The trend of the earlier decisions was that for a conviction under section 498AIPC, the prosecution must prove a valid marital relationship between the deceased and the accused. There occurred a change in the trend when the Honourable Supreme Court interpreted section 498A IPC in view of the absence of the definition of the word ”husband”, and held that even long co-habitation as man and wife will attract a prosecution under section 498A IPC. The Honourable Supreme Court so decided in Reema Agarwal v. Anupam, 2004 (2) KLT 822 SC, and later in Koppisetti Subbharao @ Subrahmaniam v. State of Andhra Pradesh, AIR (2009) SC 2684. In Koppisetti Subbharao’s case, the Honourable Supreme Court held in paragraph 6 of the judgment thus, ”………………..there could be no impediment in law to liberally construe the words or expressions relating to the persons committing the offence so as to rope in not only those validly married, but also any one who has undergone some or other form of marriage, and thereby http://www.judis.nic.in Crl.O.P.No.26832 of 2014 assume for himself the position of husband to live, co-
habitat and exercise authority as such husband over another woman…………………………….’.’ It is pertinent to note that prior to the above decisions, a three Judge Bench of the Honourable Supreme Court had decided otherwise, that the mental or physical harassment of a lady who had not been legally married by the accused, will not attract a prosecution under Section 498A IPC. In Shivcharan Lal Verma and Another v. State of Madhya Pradesh, 2002 (2) Crimes 177 SC: JT 2002(2) SC 641, the three Judge Bench held that for a prosecution under section 498A IPC, there must be a valid marital relationship between the accused and the victim. That is a case where a second wife committed suicide, allegedly due to the acts of cruelty of her husband and the former wife. The victim’s marriage with the accused in the said case was void ab initio. For the said reason, the Honourable Supreme Court held that a conviction under Section 498A cannot be sustained. The decision was followed by the Honourable Supreme Court later in U.Suvetha v. State by Inspector of Police and Another, (2009) Crl.L.J. 2974. Following the decision of the Honourable Supreme Court cited above in Shivcharan Lal Verma’s case, this Court also held in Suprabh-a v. State of Kerala, 2013 (3) KLT 514 that , only a legally wedded wife can claim the protection under section 498A IPC, and that in the absence of such a legal relationship as husband and wife, there cannot be a conviction under section 498A http://www.judis.nic.in Crl.O.P.No.26832 of 2014 IPC. In the present case, the relationship of the accused and the deceased was only a live-in relationship. Even in Koppisetti Subbharao’s case, the Honourable Supreme Court held that the parties must have undergone some sort of ceremonies with the object of getting married. In this case, the parties, admittedly , had not undergone any such ceremony, and they just started living as man and wife. Thus , I find that on legal ground itself, the accused is entitled for acquittal. In the above circumstances, it is not necessary to go into the factual aspects as regards the allegation of cruelty and harassment.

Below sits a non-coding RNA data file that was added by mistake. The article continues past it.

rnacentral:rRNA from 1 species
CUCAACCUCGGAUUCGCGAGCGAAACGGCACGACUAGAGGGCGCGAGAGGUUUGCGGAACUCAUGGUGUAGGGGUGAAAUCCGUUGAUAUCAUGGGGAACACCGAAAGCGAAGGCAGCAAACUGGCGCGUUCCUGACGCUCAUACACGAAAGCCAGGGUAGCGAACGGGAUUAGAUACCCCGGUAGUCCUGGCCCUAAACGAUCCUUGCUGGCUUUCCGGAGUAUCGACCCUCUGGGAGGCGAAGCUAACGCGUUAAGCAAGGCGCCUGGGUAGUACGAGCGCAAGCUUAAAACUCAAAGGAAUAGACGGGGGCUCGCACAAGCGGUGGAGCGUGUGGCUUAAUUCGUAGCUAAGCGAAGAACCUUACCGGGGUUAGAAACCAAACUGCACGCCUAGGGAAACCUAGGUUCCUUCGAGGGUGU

In the result, the appeal is allowed. The appellant is not found guilty of the offence under section 498A IPC, and he is acquitted of the said offence in appeal under section 386(b)(i) of Cr.P.C., 1973 Accordingly, the conviction and sentence against him in S.C.No.650 of 2006 of the Court below will stand set aside. The appellant is released from prosecution, and the bail bond, if any, executed by him will stand discharged.
16. It is clear from the above judgments that only a legally wedded wife can claim protection under Section 498 A of IPC and in the absence of such a legal relationship as husband and wife, there cannot be a conviction under Section 498 A of IPC. The three member Bench of the Hon’ble http://www.judis.nic.in Crl.O.P.No.26832 of 2014 Supreme Court, that has been referred in both the judgments, categorically holds that in order to attract an offence under Section 498 A of IPC, the subsistence of a valid marriage is a sine-qua-non. Where the marriage itself is null and void, on account of the subsistence of another valid marriage, the prosecution cannot sustain a charge under Section 498 A of IPC.
17. This Court is in complete agreement with the judgment of the Kerala High Court.
18. The facts of this case is squarely covered by the above judgments. In this case, there was no relationship of husband and wife between the petitioner and the 2nd respondent, since there was a subsisting marriage between the 2nd respondent and one Satheesan. This is established beyond doubts by materials, which has already been referred supra.
19. In the result, the proceedings against the petitioner cannot be sustained for an offence under Section 498 A of IPC and therefore the continuation of the proceedings is an abuse of process of Court which requires interference of this Court under Section 482 of Cr.P.C. http://www.judis.nic.in Crl.O.P.No.26832 of 2014
20. The proceedings in C.C.No.196 of 2014, on the file of the learned Judicial Magistrate, Udhagamandalam, Nilgiri District, is hereby quashed and this Criminal Original Petition is allowed accordingly. Consequently, connected miscellaneous petition is closed.
08.08.2019 Index : Yes/No Internet: Yes/No Speaking Order/Non Speaking Order ub To 1.The Inspector of Police, All Women Police Station, Udhagamandalam. 2.The Public Prosecutor, High Court of Madras. http://www.judis.nic.in Crl.O.P.No.26832 of 2014 N.ANAND VENKATESH, J. ub Crl.O.P.No.26832 of 2019 http://www.judis.nic.in Crl.O.P.No.26832 of 2014 08.08.2019